Editor’s Note: The folllowing guest column, “Prevention is Possible,” was written by Tiffany Greco. Greco is the education director of the Advocacy Center of Tompkins County.

Submit guest columns to jstein@ithacavoice.com.

[do_widget id= text-55 ]

ITHACA, N.Y. — It can be unsettling, to say the least, when a community learns an individual who worked or volunteered in a local school or youth-serving organization has been indicted on child sexual abuse or pornography charges.  As parents, caregivers, and community members, we worry collectively and wonder what more we can do to keep our kids safe.  Most adults believe that preventing child sexual abuse is possible but may feel uncertain of how to go about it.

The Advocacy Center of Tompkins County is “going purple” in October to raise awareness of domestic violence.
The Advocacy Center of Tompkins County is “going purple” in October to raise awareness of domestic violence.

Preventing child sexual abuse, unfortunately, is not as easy as identifying potential abusers based on outward appearances.  Public appearance does not always reflect private behavior. People who sexually abuse children often look and make great efforts to act and appear just like everyone else.  In approximately 90% of cases, the child knows and trusts the person committing the abuse.  It is estimated that a third or more of abusers are  immediate family members or other close relatives; and we know that others in a child’s circle of trust may also be abusers.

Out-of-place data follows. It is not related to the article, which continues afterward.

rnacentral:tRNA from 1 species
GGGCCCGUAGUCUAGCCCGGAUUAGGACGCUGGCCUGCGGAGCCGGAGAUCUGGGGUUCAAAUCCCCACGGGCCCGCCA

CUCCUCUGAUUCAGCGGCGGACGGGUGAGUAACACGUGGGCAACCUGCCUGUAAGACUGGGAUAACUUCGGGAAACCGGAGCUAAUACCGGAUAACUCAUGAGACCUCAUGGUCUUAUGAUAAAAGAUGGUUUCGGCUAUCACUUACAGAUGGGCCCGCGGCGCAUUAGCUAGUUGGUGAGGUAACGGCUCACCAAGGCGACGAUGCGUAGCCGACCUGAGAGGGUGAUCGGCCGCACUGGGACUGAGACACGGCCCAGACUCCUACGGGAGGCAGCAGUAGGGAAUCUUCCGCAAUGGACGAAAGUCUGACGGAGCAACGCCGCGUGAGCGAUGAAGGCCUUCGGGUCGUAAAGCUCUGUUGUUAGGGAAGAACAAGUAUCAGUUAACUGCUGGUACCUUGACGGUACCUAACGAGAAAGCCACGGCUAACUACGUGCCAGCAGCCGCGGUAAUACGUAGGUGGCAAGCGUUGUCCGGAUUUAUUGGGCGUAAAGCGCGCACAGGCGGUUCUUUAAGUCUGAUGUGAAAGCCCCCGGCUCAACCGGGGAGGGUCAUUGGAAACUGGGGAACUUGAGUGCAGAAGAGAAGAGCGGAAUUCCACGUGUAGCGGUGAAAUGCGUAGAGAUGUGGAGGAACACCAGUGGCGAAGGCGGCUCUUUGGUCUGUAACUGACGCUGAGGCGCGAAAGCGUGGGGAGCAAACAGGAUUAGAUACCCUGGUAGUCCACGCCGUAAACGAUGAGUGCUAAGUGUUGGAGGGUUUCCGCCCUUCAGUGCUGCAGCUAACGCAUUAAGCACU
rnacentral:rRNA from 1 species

A child’s circle of trust may include individuals who work or volunteer in schools, child care centers, youth groups, sport teams, religious organizations, or any other setting where children live and play.  Abusers may seek out employment or volunteer opportunities that provide them with easy access to children. Through a process called “grooming,” those who sexually abuse children work hard to build the trust of not only the children, but also the parents, adults, and overall community in which they work.  

Preventing child sexual abuse is possible. It requires increased awareness, attention, and action from all adults who want to keep kids safe. Important conversations must occur regularly, intentionally, and thoughtfully in our homes, communities, and youth-serving organizations.  Listed below are some resources to help us begin (or continue) these conversations as we all work to build a safe community for our children.

Prevention at Home

Talk To Your Kids – 10 Things To Remember

Preparing for Internet Safety

Prevention in the Community

Worried About An Adult’s Behavior

What You Can do Before a Child is Harmed

Prevention in Schools & Organizations

What Teachers & Child Care Providers Can Do to Prevent Child Sexual Abuse

Prevention for Youth-Serving Organizations

Take Action Now

  • Call the Advocacy Center of Tompkins County for a free prevention workshop! Enough Abuse Campaign workshops are offered for parents, guardians, community members, and youth-serving organizations free of cost.
  • Create a Family Safety Plan
  • Sign up for  “10 Conversations” – a free bi weekly child sexual abuse prevention educational email series created by the Enough Abuse Campaign.
  • The Advocacy Center is available 24/7 at 277-5000 if you or someone you know has experienced child sexual abuse, sexual assault, or domestic violence.

[do_widget id= text-61 ]